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Some dictionaries say "the course of" can be used with "over," "in," "during," and "throughout." I'm wondering if there's any difference among these options.

For example, if event A happened throughout the course of event B, does that mean event A lasted as long as event B (or happened at various parts of event B), or event A happened at some point in the course of event B?

What about the other combinations, i.e. "during the course of, "in the course of," and "over the course of"?

  • I don't think dictionaries have an entry for: in the course of. They have the meaning of the word course. Therefore, if you see those other terms associated with "course", it would be in examples, right? – Lambie Nov 6 '18 at 13:35
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Toss the idea "lasted as long" into the trashcan if the thing in question is not one with duration.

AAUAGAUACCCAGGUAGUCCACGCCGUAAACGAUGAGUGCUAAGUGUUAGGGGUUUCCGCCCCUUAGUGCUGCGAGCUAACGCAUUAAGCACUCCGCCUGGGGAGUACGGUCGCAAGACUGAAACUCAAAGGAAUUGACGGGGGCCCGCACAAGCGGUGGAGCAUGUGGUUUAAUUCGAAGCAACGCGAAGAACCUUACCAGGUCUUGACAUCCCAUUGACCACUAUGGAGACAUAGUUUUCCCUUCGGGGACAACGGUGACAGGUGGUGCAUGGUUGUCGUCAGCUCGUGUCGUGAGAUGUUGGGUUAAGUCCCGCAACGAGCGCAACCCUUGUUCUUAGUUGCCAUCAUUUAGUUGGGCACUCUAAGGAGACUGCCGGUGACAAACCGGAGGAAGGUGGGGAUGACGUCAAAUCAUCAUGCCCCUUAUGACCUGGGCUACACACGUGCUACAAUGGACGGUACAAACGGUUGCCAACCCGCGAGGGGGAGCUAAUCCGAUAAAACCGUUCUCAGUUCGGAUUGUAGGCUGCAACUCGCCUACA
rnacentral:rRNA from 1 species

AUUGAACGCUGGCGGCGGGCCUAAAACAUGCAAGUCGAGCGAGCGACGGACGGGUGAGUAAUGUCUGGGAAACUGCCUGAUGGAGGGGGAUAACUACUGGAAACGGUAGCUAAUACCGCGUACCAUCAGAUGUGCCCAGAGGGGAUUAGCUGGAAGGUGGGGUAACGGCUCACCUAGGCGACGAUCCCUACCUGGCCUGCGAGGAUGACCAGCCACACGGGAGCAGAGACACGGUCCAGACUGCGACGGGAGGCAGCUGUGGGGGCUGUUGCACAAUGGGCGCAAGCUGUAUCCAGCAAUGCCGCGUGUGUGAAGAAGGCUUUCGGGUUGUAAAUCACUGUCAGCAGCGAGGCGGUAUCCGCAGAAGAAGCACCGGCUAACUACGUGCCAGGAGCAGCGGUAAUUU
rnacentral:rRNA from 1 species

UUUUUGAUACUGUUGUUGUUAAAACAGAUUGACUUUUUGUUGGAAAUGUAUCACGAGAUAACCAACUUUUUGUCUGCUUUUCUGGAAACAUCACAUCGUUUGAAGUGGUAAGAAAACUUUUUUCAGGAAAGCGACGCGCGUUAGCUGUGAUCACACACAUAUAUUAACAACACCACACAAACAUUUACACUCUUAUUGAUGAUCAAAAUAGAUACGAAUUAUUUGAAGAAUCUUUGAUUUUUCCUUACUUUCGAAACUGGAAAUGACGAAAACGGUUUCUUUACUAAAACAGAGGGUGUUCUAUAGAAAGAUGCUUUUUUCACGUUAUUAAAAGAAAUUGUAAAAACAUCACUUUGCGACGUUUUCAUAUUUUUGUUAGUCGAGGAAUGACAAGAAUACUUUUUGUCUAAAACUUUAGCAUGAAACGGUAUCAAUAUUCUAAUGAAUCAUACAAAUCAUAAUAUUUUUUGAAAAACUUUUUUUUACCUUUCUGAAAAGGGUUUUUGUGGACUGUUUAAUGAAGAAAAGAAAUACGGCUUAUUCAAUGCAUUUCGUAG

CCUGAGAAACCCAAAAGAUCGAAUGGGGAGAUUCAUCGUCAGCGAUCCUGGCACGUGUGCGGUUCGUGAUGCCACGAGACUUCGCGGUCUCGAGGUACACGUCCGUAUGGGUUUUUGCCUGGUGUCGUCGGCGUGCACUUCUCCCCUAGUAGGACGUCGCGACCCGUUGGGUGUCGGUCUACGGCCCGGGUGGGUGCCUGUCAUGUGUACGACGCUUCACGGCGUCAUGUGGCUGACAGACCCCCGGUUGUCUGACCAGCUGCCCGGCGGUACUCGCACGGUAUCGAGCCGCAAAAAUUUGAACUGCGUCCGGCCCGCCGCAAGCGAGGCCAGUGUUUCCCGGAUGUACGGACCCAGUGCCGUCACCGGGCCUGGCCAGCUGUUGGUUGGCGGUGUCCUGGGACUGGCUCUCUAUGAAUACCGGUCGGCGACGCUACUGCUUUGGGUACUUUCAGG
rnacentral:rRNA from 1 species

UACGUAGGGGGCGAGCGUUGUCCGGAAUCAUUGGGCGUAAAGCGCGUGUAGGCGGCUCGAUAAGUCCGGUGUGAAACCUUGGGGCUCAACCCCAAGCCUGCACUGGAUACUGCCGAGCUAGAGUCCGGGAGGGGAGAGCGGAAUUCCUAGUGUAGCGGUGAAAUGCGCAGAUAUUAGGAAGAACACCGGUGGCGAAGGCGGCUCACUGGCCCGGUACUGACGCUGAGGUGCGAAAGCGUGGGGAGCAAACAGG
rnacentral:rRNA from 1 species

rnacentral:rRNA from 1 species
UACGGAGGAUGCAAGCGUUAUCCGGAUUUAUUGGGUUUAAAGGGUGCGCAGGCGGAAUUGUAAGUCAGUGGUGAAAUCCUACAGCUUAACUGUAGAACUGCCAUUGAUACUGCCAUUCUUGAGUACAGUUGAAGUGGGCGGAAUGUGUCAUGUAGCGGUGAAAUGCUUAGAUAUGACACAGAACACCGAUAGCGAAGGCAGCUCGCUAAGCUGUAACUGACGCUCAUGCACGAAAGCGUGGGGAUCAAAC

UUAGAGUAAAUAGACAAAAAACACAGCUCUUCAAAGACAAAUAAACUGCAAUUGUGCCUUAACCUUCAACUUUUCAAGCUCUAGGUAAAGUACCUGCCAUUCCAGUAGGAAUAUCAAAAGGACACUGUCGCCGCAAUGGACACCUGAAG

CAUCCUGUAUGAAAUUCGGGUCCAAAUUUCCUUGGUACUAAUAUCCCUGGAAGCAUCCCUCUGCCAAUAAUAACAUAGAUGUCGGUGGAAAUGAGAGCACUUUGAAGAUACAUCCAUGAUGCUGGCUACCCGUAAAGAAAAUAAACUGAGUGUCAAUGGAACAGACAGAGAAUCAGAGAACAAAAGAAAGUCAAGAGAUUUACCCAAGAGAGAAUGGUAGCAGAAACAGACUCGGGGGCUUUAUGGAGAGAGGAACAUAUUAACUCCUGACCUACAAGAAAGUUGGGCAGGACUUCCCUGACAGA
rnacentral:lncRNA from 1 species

The spoils have gone to the victor throughout the course of history. duration: NO

The plate was sitting on the buffet throughout the course of the meal.duration: YES

The spoils going to the victor is not coterminous with the course of history. Rather, at whatever point in time in world history you happen to be looking at, where there is a victor, there go the spoils. There is not one continuous event but multiple discrete events.

On the other hand, the plate sitting on the buffet is coterminous with the course of the meal. It was there at the beginning of the meal and remained there continuously for the duration of the meal.

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